Radiological and Hazardous Waste Disposal Facility Speeds Cold War Legacy Site Closure
ATLANTA, Ga. — Geosyntec Consultants received an Engineering Excellence award from the American Council of Engineering Companies for designing a 65-acre On-site Waste Disposal Facility (OSDF) for the Fernald Closure Project near Hamilton, Ohio. This eight-cell waste containment facility was developed to dispose of low-level radioactive waste (LLRW) and Resource Conservation and Recovery Act (RCRA) hazardous waste generated during the 17-year demolition and clean-up of the U.S. Department of Energy (DOE) Fernald site.
The Fernald Feed Production Center was a uranium processing plant under the Atomic Energy Commission and was operated by DOE until 1989. Over its history, the plant refined and machined 500 million pounds of uranium metals. After 1989, the site was placed on U.S. EPA's Superfund list due to land and groundwater contamination resulting from decades of operation. Through the Superfund process, the site was cleaned up and closed, with the OSDF being the keystone of that effort.
One of the most technologically advanced LLRW/RCRA disposal facilities in the world, Geosyntec designed the $220 million OSDF for a design life of at least 200 years, and up to 1,000 years to the extent achievable using available technology. Starting in 1995, Geosyntec began a series of extensive engineering evaluations to assure the facility's performance and ability to protect public health and safety into perpetuity. The facility is underlain by a double-composite liner system and capped with a 10-ft thick final cover system, with built-in redundancy, to safely contain the waste and control leachate, thereby protecting groundwater quality of one of the largest sole source drinking water aquifers in the nation. According to Johnny Reising, the DOE Project Director, "The OSDF project's technical challenges placed on Geosyntec were demanding. The design considers the 2,000-year and maximum probable floods and 2,400-year maximum credible earthquakes."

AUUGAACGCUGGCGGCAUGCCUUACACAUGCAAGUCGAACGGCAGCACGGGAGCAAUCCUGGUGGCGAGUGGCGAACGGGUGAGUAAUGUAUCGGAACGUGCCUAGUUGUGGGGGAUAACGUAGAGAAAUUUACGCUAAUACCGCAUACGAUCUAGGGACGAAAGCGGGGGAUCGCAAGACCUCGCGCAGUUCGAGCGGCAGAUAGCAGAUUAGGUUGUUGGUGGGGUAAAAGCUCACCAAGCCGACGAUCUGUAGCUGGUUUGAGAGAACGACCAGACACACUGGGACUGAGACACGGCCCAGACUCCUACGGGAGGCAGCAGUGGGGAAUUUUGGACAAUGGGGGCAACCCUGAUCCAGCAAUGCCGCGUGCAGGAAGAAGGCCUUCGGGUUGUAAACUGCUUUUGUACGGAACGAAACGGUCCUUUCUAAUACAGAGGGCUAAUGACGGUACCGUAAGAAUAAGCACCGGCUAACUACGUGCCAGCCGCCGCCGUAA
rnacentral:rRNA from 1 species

Geosyntec, contracted directly under DOE's site-wide management contractor Fluor Fernald, worked diligently to obtain project approval from the EPA and Ohio EPA. "It was a real accomplishment to meet EPA's fast-track regulatory approval schedule of 15 months," says Dr. Rudy Bonaparte, P.E., Geosyntec's President and original engineer-of-record for the project, "but it was even a greater testament to the technical quality of the project when DOE, EPA, and Ohio EPA all accepted our 90 percent design submittal as the final design."
The Fernald site closure was originally slated to be complete in 2019, and through government initiatives and funding, a 2009 completion date was mandated by DOE. Ultimately, and in significant part due to the expedited availability of the OSDF, Fluor Fernald and its contractors (including Geosyntec) were able to achieve final closure in October 2006 for nearly $8 billion less and 13 years earlier than estimated in a 1992 government report, allowing this Cold War legacy site to return to productive re-use as a federal wildlife and nature park. Mr. Uday Kumthekar, P.E., Fluor Fernald Closure Engineering Manager stated "the accelerated schedule and cost savings were possible due largely to regulatory approval of an on-site disposal facility (OSDF)."